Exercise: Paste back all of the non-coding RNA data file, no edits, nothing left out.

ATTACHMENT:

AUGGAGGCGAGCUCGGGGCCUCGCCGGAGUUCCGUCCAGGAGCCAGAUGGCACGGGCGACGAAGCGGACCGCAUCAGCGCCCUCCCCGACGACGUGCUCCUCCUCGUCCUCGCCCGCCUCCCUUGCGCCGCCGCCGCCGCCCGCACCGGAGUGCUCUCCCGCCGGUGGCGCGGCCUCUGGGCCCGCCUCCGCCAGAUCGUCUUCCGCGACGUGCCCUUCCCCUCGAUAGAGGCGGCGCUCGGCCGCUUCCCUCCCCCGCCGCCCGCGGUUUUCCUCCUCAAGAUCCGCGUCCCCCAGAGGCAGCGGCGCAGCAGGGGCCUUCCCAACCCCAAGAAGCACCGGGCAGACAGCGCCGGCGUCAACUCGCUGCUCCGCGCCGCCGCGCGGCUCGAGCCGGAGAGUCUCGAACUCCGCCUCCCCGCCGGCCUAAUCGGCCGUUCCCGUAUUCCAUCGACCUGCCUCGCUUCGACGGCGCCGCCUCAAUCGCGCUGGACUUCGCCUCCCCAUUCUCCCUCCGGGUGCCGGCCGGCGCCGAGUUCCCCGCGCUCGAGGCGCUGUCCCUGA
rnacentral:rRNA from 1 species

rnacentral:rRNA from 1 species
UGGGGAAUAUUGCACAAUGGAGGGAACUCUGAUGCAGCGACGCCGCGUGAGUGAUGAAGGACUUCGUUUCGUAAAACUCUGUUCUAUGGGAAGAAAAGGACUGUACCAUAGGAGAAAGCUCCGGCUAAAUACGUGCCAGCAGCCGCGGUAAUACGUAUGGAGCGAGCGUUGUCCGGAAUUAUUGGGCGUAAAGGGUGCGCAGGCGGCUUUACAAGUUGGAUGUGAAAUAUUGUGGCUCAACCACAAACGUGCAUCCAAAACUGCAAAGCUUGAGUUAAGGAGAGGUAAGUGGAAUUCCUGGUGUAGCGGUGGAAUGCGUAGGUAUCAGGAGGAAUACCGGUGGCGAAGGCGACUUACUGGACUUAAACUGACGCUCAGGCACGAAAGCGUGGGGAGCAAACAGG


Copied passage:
AUGGAGGCGAGCUCGGGGCCUCGCCGGAGUUCCGUCCAGGAGCCAGAUGGCACGGGCGACGAAGCGGACCGCAUCAGCGCCCUCCCCGACGACGUGCUCCUCCUCGUCCUCGCCCGCCUCCCUUGCGCCGCCGCCGCCGCCCGCACCGGAGUGCUCUCCCGCCGGUGGCGCGGCCUCUGGGCCCGCCUCCGCCAGAUCGUCUUCCGCGACGUGCCCUUCCCCUCGAUAGAGGCGGCGCUCGGCCGCUUCCCUCCCCCGCCGCCCGCGGUUUUCCUCCUCAAGAUCCGCGUCCCCCAGAGGCAGCGGCGCAGCAGGGGCCUUCCCAACCCCAAGAAGCACCGGGCAGACAGCGCCGGCGUCAACUCGCUGCUCCGCGCCGCCGCGCGGCUCGAGCCGGAGAGUCUCGAACUCCGCCUCCCCGCCGGCCUAAUCGGCCGUUCCCGUAUUCCAUCGACCUGCCUCGCUUCGACGGCGCCGCCUCAAUCGCGCUGGACUUCGCCUCCCCAUUCUCCCUCCGGGUGCCGGCCGGCGCCGAGUUCCCCGCGCUCGAGGCGCUGUCCCUGA
rnacentral:rRNA from 1 species

rnacentral:rRNA from 1 species
UGGGGAAUAUUGCACAAUGGAGGGAACUCUGAUGCAGCGACGCCGCGUGAGUGAUGAAGGACUUCGUUUCGUAAAACUCUGUUCUAUGGGAAGAAAAGGACUGUACCAUAGGAGAAAGCUCCGGCUAAAUACGUGCCAGCAGCCGCGGUAAUACGUAUGGAGCGAGCGUUGUCCGGAAUUAUUGGGCGUAAAGGGUGCGCAGGCGGCUUUACAAGUUGGAUGUGAAAUAUUGUGGCUCAACCACAAACGUGCAUCCAAAACUGCAAAGCUUGAGUUAAGGAGAGGUAAGUGGAAUUCCUGGUGUAGCGGUGGAAUGCGUAGGUAUCAGGAGGAAUACCGGUGGCGAAGGCGACUUACUGGACUUAAACUGACGCUCAGGCACGAAAGCGUGGGGAGCAAACAGG